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Britain
Cruiser Mk IVA (A13 Mk II)
Ordnance classification - A13

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The Cruiser Mk IVA was designed in 1937, manufactured by Nuffield Mechanisations & Aero, Limited and was in use from 1939 to 1941.

Photo of Cruiser Mk IVA (A13 Mk II)

General Details
Specifications
Operational Date(s)1939 - 1941
Ordnance classificationA13
Quantity Produced665
Weight14.75 tonne
Crew4
M.G's small1
M.G's large(>10mm)n/a
Length6.08 mtr
Width2.56 mtr
Height2.62 mtr
Engine Details/Performance
Max Road Speed28 mph
Max Cross Country Speed15 mph
Range Road90 miles
Range Cross Country36 miles
Fuel TypePetrol
Fuel Capacity120 gal
Horse Power340 hp
Power/Weight23 hp/tonne
General Information
The Cruiser Mk IVA was designed in 1937, manufactured by Nuffield Mechanisations & Aero, Limited and was in use from 1939 to 1941.

The vehicle was powered by Nuffield 'Liberty' petrol powerplant producing 340 HP which could drive the vehicle on roads at up to 28 mph with a range of about 90 miles before refuelling. Its cross country performance was good providing a max speed of about 15 mph and a range of about 36 miles.

It was armed with 1 light machine gun , a BESA Machine Gun 7.92mm. Its main armament consisted of an Ordnance Q.F. 2pdr which could penetrate 67 mm of flat plate at 200 metres

This was one of the first British tanks to use the Christie type of suspension.

Armour Details
Turret
Front30mm@20°(32mm)
Side16mm@20°(17mm)
Rear16mm@20°(17mm)
Top4mm@90°(4mm)
Superstructure
Front25mm@45°(35mm)
Side14mm@(14mm)
Rear14mm@(14mm)
Top4mm@90°(4mm)
Hull
Front25mm@30°(29mm)
Side14mm@(14mm)
Rear14mm@(14mm)
Top4mm@90°(4mm)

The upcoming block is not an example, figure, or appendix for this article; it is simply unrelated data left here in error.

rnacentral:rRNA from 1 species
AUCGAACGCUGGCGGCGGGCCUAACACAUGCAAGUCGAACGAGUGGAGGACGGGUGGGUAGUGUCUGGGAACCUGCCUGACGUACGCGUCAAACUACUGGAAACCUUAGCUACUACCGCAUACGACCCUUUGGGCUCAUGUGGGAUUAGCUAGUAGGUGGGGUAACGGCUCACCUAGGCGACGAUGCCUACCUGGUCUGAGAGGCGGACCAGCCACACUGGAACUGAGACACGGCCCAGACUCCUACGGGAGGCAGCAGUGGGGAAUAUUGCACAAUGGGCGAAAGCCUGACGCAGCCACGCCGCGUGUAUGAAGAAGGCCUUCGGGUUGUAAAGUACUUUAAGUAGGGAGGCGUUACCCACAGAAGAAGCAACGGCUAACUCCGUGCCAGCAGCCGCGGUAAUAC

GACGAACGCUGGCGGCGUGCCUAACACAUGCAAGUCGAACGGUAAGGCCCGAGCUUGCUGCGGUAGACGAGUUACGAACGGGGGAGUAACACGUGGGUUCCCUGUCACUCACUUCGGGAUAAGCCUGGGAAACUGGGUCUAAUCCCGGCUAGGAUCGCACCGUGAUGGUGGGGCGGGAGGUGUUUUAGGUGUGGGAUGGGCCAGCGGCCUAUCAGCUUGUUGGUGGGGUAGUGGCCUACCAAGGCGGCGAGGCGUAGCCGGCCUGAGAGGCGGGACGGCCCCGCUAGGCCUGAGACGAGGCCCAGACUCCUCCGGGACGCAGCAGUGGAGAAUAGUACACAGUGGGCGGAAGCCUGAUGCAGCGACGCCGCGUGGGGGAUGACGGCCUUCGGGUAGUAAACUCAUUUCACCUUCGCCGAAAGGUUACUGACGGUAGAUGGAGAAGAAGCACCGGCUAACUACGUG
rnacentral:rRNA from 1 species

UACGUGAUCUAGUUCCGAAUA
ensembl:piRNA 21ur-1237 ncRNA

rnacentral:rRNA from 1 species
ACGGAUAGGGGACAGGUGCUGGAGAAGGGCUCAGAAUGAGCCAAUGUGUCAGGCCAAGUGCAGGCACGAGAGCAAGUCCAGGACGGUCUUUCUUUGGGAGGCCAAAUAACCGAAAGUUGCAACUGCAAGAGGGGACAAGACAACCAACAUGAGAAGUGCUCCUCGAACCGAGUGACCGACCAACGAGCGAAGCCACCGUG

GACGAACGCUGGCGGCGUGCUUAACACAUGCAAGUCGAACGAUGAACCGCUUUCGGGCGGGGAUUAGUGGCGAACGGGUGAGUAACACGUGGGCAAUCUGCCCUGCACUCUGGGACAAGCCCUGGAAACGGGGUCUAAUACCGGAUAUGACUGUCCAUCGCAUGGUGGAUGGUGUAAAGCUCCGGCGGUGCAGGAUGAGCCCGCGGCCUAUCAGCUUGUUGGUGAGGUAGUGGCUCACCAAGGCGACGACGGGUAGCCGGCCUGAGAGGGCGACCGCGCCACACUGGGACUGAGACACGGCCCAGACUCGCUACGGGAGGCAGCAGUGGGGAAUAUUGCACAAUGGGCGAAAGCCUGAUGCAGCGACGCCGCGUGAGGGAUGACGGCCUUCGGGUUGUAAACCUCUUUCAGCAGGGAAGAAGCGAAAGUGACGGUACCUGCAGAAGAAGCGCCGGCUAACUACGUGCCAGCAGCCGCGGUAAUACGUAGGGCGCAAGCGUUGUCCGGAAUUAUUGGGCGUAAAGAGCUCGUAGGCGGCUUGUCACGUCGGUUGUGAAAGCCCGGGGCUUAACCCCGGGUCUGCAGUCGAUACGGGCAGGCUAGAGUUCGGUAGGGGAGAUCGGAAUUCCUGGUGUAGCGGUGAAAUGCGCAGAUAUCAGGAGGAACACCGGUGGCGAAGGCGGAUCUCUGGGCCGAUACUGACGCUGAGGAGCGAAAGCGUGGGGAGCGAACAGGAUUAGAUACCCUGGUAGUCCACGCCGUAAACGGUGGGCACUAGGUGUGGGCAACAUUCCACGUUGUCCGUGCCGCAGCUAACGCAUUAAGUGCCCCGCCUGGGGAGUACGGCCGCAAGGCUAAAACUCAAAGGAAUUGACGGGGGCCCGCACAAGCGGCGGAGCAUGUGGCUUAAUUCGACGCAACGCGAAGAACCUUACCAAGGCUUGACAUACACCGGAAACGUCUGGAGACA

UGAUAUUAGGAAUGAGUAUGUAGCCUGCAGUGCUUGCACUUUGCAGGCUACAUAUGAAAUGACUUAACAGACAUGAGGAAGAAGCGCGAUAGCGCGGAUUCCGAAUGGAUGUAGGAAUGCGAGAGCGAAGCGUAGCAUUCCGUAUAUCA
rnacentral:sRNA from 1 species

Armour (x)mm @ (y)° (Effective mm @ 0°)
Effective Armour - Maximum 35 mm - Minimum 4 mm



Weapon Details
Flag
BESA Machine Gun 7.92mm Blank
photo of BESA Machine Gun 7.92mm from Wikipedia
History
Developed by BSA from the Czechoslovak ZB vz.53 heavy machine gun which used the German 7.92×57mm Mauser ammunition. It was mostly used as the main armament of the Light Tank Mk VIC and Armoured cars such as the Humber Mk I to Mk III.

This 7.92mm gun was used in the armoured divisions as their supply lines were separated from the infantry who used .303 bullets. Once the British started capturing German ammunition this could be immediately used in these tank machine guns.
Manufactured1939 - 1966
Calibre7.92mm
LengthL/93
Rate of Fire450 rpm
Number of Rounds 3750
 
 
Ammunition Details
Name/Id Calibre Weight MVelocity Explosive Content
Cartridge SA, 7.92(AP)
7.92mm 0.012Kg 785M/Sec
Range(Mtr)1002004008001200160020002400
Flight Time(Secs) 0.15
Penetration(mm@30°) 2
Penetration(mm@0°) 3
Hit Probability(%) 98


Weapon Details
Flag
Ordnance Q.F. 2pdr Blank
photo of Ordnance Q.F. 2pdr from Wikipedia
History
Used both as an Anti Tank gun and as a Tank gun the 2pdr was first used in Belgium in 1939. The majority of the British guns were captured by the Germans at Dunkirk and given their designation of 4.0 cm Pak 192(e) or 4.0 cm Pak 154(b). However the 2pdr manufacture was continued but was slowly replaced by the 6pdr from 1942.
Manufactured1936 - 1944
Calibre40mm
LengthL/50
Rate of Fire22 rpm
Number of Rounds 87
 
 
Ammunition Details
Name/Id Calibre Weight MVelocity Explosive Content
AP(AP)
40mm 1.08Kg 792M/Sec
Quoted Penetration 53mm@455m
Range(Mtr)1002004008001200160020002400
Flight Time(Secs) 0.13 0.27 0.56 1.26 2.17 3.37 5.06 7.58
Penetration(mm@30°) 64 58 51 41 33 25 19 13
Penetration(mm@0°) 74 67 59 48 39 30 22 16
Hit Probability(%) 98 98 98 93 60 25 6 2

Hit probability is based on a static 2 x 2.4 metre panel at 0 degrees(vertical) at the range specified.

The data that has been used to create these records has come from Wikipedia, The Lone Sentry, The Bundes Archive and numerous books and websites that have provided the detailed information that has not been available anywhere else. The information we use to calculate the penetration tables, flight times and the hit probability comes from the Gun Calibre, the Shell Mass(Kg) and the muzzle velocity, plus range reductions to allow for gravity and wind resistance. This calculation originally came from a pre-war Krupp calculation which has been modified, and seems to fit the actual test results.

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